Scientists thaw 5,300-year-old mummy to study ancient gut bacteria

Scientists say the famous "Iceman," a 5,300-year-old European mummy, may have been feeling a little ill on the day an unknown assailant chased him through the Alps, shot an arrow into his artery and killed him.

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A recent study shows the Copper-Age European, who is also known as Oetzi, carried a viral strain of Helicobacter pylori bacteria in his stomach, a discovery that scientists say sheds important light on both the Iceman's health and the history of human migration.

The findings were published in the journal Science on Thursday.

According to the study authors, Helicobacter pylori is one of the most common and ancient human pathogens.

Scientists estimate the bacteria has been infecting humans for at least 100,000 years. But researcher say the Iceman sample is the oldest Helicobacter pylori DNA they've ever examined in depth.

"That is why this genome is so special," study co-author Yoshan Moodley, a genetics and biology professor at South Africa's University of Venda, told reporters in a teleconference on Wednesday. "It allows us this absolutely unique window into the Copper Age. We don't have to infer it. We can see."

Helicobacter pylori can cause ulcers or gastric carcinoma, but fewer than 10 per cent of carriers actually suffer from these symptoms.

Because of this, it's unknown if Iceman actually felt the effects of his bacterial infection.

"We can't be 100 per cent sure that he really suffered from gastric disease," Moodley said. "We have clear evidence that he had immune reactions, but we can't really say to what extent."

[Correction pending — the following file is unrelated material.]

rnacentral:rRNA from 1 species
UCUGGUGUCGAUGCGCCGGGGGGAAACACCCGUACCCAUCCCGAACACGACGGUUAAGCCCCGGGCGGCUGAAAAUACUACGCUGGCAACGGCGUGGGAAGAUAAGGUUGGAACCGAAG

Thawing the Iceman and extracting the samples

The Iceman's remains are usually kept in Italy's South Tyrol Museum of Archeology, where the museum imitates the Alpine conditions in which the body was preserved until hikers found it in 1991.

But in order to extract and examine bacteria from the Iceman's stomach, scientists had to temporarily thaw the mummy.

Researchers did this in a tightly controlled environment, the Iceman wasn't harmed in the process and he was later refrozen, says study co-author Albert Zink, the scientific director at the Institute for Mummies and the Iceman.

Once the body was defrosted, researchers accessed the stomach through a previously-made incision, and extracted samples from his gastrointestinal tract.

In these samples, they found the presence of Helicobacter pylori, and were able to reconstruct the bacteria's genome and examine its genetic makeup.

This analysis, the study says, led to a "surprising" new understanding of ancient Europeans' origins.

Using Helicobacter pylori to trace human migration

Because Helicobacter pylori has existed in humans for so long, scientists say its evolution reflects the way human populations have grown, migrated and changed.

"Helicobacter pylori's worldwide population structure is almost literally a mirror image of human populations," Moodley said. "So we use them as a surrogate for what humans were doing at various stages of prehistory."

Modern strains of the bacteria are categorized according to geographic location, and can be traced back to different ancestral sources.

The modern Helicobacter pylori strain in Europe, for example, comes from a combination of ancestral bacteria from Asia and Africa.

But scientists were surprised to find that the ancient bacteria in the Iceman's stomach showed only the Asian strain, not a mixture with the African variation.

Scientists say this suggests a wave of human migration arrived in Europe from Africa sometime after the Iceman's death, introducing the North African strain of bacteria to the population.

"The wave of migration that brought the African Helicobacter pylori into Europe had not occurred, or had not occurred in earnest, by the time the Iceman was alive," Moodley concluded.

'Paleomicrobiology' and examining other mummy guts

Now that scientists have successfully extracted and reconstructed bacteria from the Iceman, they hope to use similar techniques to explore other ancient gut bacteria.

"One thing we definitely want to do is to expand our investigation to other mummies," Zink said on Wednesday.

He said he and his co-researchers have already been in touch with colleagues in Northern Europe, South America and Asia, and also hope to trace the paths of ancient bacteria in Siberia.

Eventually, Zink said, he hopes this could open the doors to a "totally new" field of research, which he dubs "paleomicrobiology."



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